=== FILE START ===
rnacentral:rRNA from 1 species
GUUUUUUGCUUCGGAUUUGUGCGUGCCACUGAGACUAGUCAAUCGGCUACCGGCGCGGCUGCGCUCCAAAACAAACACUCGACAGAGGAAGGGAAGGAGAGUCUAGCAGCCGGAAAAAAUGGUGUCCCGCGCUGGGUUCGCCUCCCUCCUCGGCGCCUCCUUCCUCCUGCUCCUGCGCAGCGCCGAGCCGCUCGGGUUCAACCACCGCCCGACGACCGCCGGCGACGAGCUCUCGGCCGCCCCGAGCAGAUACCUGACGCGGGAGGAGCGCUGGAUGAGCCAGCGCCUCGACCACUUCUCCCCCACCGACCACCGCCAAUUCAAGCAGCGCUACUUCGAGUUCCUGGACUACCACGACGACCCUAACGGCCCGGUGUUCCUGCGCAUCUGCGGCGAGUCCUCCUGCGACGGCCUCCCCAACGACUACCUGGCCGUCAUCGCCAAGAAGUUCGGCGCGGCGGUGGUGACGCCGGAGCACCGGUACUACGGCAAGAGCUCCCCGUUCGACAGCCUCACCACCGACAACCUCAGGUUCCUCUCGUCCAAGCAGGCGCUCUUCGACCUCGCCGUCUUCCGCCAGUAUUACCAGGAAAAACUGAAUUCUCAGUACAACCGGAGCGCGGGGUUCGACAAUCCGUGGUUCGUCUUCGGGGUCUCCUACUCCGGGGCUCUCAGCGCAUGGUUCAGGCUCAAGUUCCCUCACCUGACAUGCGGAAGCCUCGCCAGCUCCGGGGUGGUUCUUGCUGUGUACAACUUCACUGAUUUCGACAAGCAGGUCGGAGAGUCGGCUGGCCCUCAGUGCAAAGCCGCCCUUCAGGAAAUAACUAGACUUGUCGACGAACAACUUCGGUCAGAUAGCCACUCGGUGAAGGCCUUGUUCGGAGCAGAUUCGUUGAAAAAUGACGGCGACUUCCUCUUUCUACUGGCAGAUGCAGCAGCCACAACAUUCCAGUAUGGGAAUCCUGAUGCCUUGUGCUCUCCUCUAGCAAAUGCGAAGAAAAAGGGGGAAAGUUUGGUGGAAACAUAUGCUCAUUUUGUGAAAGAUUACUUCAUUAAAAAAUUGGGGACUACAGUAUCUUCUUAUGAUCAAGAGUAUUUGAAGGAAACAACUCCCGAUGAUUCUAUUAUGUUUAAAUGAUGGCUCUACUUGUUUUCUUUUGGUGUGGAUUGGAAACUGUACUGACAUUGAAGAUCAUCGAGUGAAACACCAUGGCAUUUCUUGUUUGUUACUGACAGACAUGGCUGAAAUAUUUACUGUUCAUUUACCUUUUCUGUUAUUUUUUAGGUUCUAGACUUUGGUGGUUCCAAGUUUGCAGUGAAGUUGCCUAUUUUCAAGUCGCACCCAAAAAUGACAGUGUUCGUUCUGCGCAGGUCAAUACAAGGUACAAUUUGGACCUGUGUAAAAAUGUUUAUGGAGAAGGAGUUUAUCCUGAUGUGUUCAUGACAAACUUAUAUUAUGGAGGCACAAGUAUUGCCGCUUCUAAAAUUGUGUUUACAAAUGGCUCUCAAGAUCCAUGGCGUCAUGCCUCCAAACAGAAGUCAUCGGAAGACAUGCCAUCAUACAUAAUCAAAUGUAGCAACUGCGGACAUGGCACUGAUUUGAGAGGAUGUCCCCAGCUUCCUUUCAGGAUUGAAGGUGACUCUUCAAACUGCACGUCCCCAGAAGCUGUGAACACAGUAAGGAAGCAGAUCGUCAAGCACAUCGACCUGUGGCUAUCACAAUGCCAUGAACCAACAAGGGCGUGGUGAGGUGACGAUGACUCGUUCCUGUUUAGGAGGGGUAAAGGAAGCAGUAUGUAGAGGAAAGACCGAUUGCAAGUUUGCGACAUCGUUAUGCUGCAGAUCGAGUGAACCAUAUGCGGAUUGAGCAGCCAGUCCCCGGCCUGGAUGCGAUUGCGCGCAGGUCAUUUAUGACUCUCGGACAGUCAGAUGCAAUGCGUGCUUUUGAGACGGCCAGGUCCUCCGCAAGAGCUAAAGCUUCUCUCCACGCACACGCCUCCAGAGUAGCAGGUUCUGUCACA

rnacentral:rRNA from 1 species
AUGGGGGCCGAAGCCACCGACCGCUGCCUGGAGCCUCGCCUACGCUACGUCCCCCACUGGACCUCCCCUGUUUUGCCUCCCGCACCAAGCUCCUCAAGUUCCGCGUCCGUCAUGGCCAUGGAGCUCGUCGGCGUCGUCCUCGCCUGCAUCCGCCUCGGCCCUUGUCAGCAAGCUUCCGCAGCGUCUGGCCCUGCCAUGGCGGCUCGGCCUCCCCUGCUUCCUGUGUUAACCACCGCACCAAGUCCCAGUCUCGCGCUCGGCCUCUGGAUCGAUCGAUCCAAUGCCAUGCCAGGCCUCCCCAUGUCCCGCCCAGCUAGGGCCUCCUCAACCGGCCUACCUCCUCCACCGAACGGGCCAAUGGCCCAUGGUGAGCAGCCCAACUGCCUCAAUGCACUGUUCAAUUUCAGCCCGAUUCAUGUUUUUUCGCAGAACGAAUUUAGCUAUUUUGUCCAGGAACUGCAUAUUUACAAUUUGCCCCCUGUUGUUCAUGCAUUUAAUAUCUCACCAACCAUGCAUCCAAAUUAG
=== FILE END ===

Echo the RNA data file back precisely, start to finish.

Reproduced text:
rnacentral:rRNA from 1 species
GUUUUUUGCUUCGGAUUUGUGCGUGCCACUGAGACUAGUCAAUCGGCUACCGGCGCGGCUGCGCUCCAAAACAAACACUCGACAGAGGAAGGGAAGGAGAGUCUAGCAGCCGGAAAAAAUGGUGUCCCGCGCUGGGUUCGCCUCCCUCCUCGGCGCCUCCUUCCUCCUGCUCCUGCGCAGCGCCGAGCCGCUCGGGUUCAACCACCGCCCGACGACCGCCGGCGACGAGCUCUCGGCCGCCCCGAGCAGAUACCUGACGCGGGAGGAGCGCUGGAUGAGCCAGCGCCUCGACCACUUCUCCCCCACCGACCACCGCCAAUUCAAGCAGCGCUACUUCGAGUUCCUGGACUACCACGACGACCCUAACGGCCCGGUGUUCCUGCGCAUCUGCGGCGAGUCCUCCUGCGACGGCCUCCCCAACGACUACCUGGCCGUCAUCGCCAAGAAGUUCGGCGCGGCGGUGGUGACGCCGGAGCACCGGUACUACGGCAAGAGCUCCCCGUUCGACAGCCUCACCACCGACAACCUCAGGUUCCUCUCGUCCAAGCAGGCGCUCUUCGACCUCGCCGUCUUCCGCCAGUAUUACCAGGAAAAACUGAAUUCUCAGUACAACCGGAGCGCGGGGUUCGACAAUCCGUGGUUCGUCUUCGGGGUCUCCUACUCCGGGGCUCUCAGCGCAUGGUUCAGGCUCAAGUUCCCUCACCUGACAUGCGGAAGCCUCGCCAGCUCCGGGGUGGUUCUUGCUGUGUACAACUUCACUGAUUUCGACAAGCAGGUCGGAGAGUCGGCUGGCCCUCAGUGCAAAGCCGCCCUUCAGGAAAUAACUAGACUUGUCGACGAACAACUUCGGUCAGAUAGCCACUCGGUGAAGGCCUUGUUCGGAGCAGAUUCGUUGAAAAAUGACGGCGACUUCCUCUUUCUACUGGCAGAUGCAGCAGCCACAACAUUCCAGUAUGGGAAUCCUGAUGCCUUGUGCUCUCCUCUAGCAAAUGCGAAGAAAAAGGGGGAAAGUUUGGUGGAAACAUAUGCUCAUUUUGUGAAAGAUUACUUCAUUAAAAAAUUGGGGACUACAGUAUCUUCUUAUGAUCAAGAGUAUUUGAAGGAAACAACUCCCGAUGAUUCUAUUAUGUUUAAAUGAUGGCUCUACUUGUUUUCUUUUGGUGUGGAUUGGAAACUGUACUGACAUUGAAGAUCAUCGAGUGAAACACCAUGGCAUUUCUUGUUUGUUACUGACAGACAUGGCUGAAAUAUUUACUGUUCAUUUACCUUUUCUGUUAUUUUUUAGGUUCUAGACUUUGGUGGUUCCAAGUUUGCAGUGAAGUUGCCUAUUUUCAAGUCGCACCCAAAAAUGACAGUGUUCGUUCUGCGCAGGUCAAUACAAGGUACAAUUUGGACCUGUGUAAAAAUGUUUAUGGAGAAGGAGUUUAUCCUGAUGUGUUCAUGACAAACUUAUAUUAUGGAGGCACAAGUAUUGCCGCUUCUAAAAUUGUGUUUACAAAUGGCUCUCAAGAUCCAUGGCGUCAUGCCUCCAAACAGAAGUCAUCGGAAGACAUGCCAUCAUACAUAAUCAAAUGUAGCAACUGCGGACAUGGCACUGAUUUGAGAGGAUGUCCCCAGCUUCCUUUCAGGAUUGAAGGUGACUCUUCAAACUGCACGUCCCCAGAAGCUGUGAACACAGUAAGGAAGCAGAUCGUCAAGCACAUCGACCUGUGGCUAUCACAAUGCCAUGAACCAACAAGGGCGUGGUGAGGUGACGAUGACUCGUUCCUGUUUAGGAGGGGUAAAGGAAGCAGUAUGUAGAGGAAAGACCGAUUGCAAGUUUGCGACAUCGUUAUGCUGCAGAUCGAGUGAACCAUAUGCGGAUUGAGCAGCCAGUCCCCGGCCUGGAUGCGAUUGCGCGCAGGUCAUUUAUGACUCUCGGACAGUCAGAUGCAAUGCGUGCUUUUGAGACGGCCAGGUCCUCCGCAAGAGCUAAAGCUUCUCUCCACGCACACGCCUCCAGAGUAGCAGGUUCUGUCACA

rnacentral:rRNA from 1 species
AUGGGGGCCGAAGCCACCGACCGCUGCCUGGAGCCUCGCCUACGCUACGUCCCCCACUGGACCUCCCCUGUUUUGCCUCCCGCACCAAGCUCCUCAAGUUCCGCGUCCGUCAUGGCCAUGGAGCUCGUCGGCGUCGUCCUCGCCUGCAUCCGCCUCGGCCCUUGUCAGCAAGCUUCCGCAGCGUCUGGCCCUGCCAUGGCGGCUCGGCCUCCCCUGCUUCCUGUGUUAACCACCGCACCAAGUCCCAGUCUCGCGCUCGGCCUCUGGAUCGAUCGAUCCAAUGCCAUGCCAGGCCUCCCCAUGUCCCGCCCAGCUAGGGCCUCCUCAACCGGCCUACCUCCUCCACCGAACGGGCCAAUGGCCCAUGGUGAGCAGCCCAACUGCCUCAAUGCACUGUUCAAUUUCAGCCCGAUUCAUGUUUUUUCGCAGAACGAAUUUAGCUAUUUUGUCCAGGAACUGCAUAUUUACAAUUUGCCCCCUGUUGUUCAUGCAUUUAAUAUCUCACCAACCAUGCAUCCAAAUUAG